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Europe Travel Ban on U.S. Visitors Would Be a Blow to Airlines

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Last year, flights across the Atlantic, to Europe and other destinations, accounted for about 17 percent of passenger revenue for United Airlines, or about $7.4 billion. Such flights generated about 15 percent of all passenger revenue for Delta, or $6.4 billion, and about 11 percent of passenger revenue, or $4.6 billion, for American Airlines. They were particularly important to United and Delta, generating a quarter of passenger profits last year, according to the Transportation Department.

Tens of millions of people flew between the United States and European Union countries in 2019. Many traveled for business to and from cities like New York, Los Angeles and San Francisco and Amsterdam, London, Paris and Frankfurt. Many others fanned out farther to vacation, particularly in the summer, when international flights are often nearly full as American families jet off to Italy and Greece, and Europeans check out New York and California.

Of course, travel between the United States and the European Union has been restricted since March, when governments on both sides of the Atlantic barred most visitors to prevent the spread of the coronavirus, with exceptions for repatriations and “essential” travel by medical professionals. At the time, the United States had just over 1,100 coronavirus cases as the virus spread extensively in Italy and Spain. Today, the United States leads the world with about 2.4 million cases, and infections are surging in Arizona, California, Florida, Texas and other states.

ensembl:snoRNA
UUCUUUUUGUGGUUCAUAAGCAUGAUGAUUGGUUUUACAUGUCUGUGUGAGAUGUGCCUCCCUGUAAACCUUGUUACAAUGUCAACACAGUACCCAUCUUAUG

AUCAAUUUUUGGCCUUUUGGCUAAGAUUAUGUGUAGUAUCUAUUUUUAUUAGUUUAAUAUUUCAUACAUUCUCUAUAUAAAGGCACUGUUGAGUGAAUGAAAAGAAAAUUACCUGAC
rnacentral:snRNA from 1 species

Because of the country’s size, the vast majority of tickets sold by U.S. airlines are for domestic travel. Those flights have led the industry’s recovery, as Americans slowly start to visit friends and family and make limited vacation plans, a pattern unfolding in countries around the world. Higher-profit business and international travel is expected to follow far behind.

“I think international travel is probably going to lag domestic by up to 12 months,” Ed Bastian, Delta’s chief executive, told shareholders on a call last week, citing travel bans around the world as one reason.

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